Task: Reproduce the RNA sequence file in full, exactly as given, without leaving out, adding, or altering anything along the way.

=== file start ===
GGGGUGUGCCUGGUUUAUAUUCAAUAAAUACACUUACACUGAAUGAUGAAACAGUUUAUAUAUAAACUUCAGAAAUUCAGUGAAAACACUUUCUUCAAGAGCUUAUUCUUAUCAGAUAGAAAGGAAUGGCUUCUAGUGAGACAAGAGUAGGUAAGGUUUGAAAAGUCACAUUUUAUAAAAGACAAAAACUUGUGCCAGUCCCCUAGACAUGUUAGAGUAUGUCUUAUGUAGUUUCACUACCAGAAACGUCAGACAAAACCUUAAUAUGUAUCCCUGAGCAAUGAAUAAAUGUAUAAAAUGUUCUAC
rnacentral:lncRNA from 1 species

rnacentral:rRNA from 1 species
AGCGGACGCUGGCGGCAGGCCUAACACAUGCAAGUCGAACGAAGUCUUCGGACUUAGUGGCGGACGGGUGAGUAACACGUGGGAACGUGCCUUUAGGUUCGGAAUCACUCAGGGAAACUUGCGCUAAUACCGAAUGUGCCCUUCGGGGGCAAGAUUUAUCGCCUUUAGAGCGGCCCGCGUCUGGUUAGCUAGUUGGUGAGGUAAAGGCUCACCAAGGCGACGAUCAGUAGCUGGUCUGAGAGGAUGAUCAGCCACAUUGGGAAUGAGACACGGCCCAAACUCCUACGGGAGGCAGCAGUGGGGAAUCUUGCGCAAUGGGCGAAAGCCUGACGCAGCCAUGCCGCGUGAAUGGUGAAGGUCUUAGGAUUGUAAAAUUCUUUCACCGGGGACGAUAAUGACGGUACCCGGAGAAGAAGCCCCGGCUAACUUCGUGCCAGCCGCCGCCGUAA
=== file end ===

GGGGUGUGCCUGGUUUAUAUUCAAUAAAUACACUUACACUGAAUGAUGAAACAGUUUAUAUAUAAACUUCAGAAAUUCAGUGAAAACACUUUCUUCAAGAGCUUAUUCUUAUCAGAUAGAAAGGAAUGGCUUCUAGUGAGACAAGAGUAGGUAAGGUUUGAAAAGUCACAUUUUAUAAAAGACAAAAACUUGUGCCAGUCCCCUAGACAUGUUAGAGUAUGUCUUAUGUAGUUUCACUACCAGAAACGUCAGACAAAACCUUAAUAUGUAUCCCUGAGCAAUGAAUAAAUGUAUAAAAUGUUCUAC
rnacentral:lncRNA from 1 species

rnacentral:rRNA from 1 species
AGCGGACGCUGGCGGCAGGCCUAACACAUGCAAGUCGAACGAAGUCUUCGGACUUAGUGGCGGACGGGUGAGUAACACGUGGGAACGUGCCUUUAGGUUCGGAAUCACUCAGGGAAACUUGCGCUAAUACCGAAUGUGCCCUUCGGGGGCAAGAUUUAUCGCCUUUAGAGCGGCCCGCGUCUGGUUAGCUAGUUGGUGAGGUAAAGGCUCACCAAGGCGACGAUCAGUAGCUGGUCUGAGAGGAUGAUCAGCCACAUUGGGAAUGAGACACGGCCCAAACUCCUACGGGAGGCAGCAGUGGGGAAUCUUGCGCAAUGGGCGAAAGCCUGACGCAGCCAUGCCGCGUGAAUGGUGAAGGUCUUAGGAUUGUAAAAUUCUUUCACCGGGGACGAUAAUGACGGUACCCGGAGAAGAAGCCCCGGCUAACUUCGUGCCAGCCGCCGCCGUAA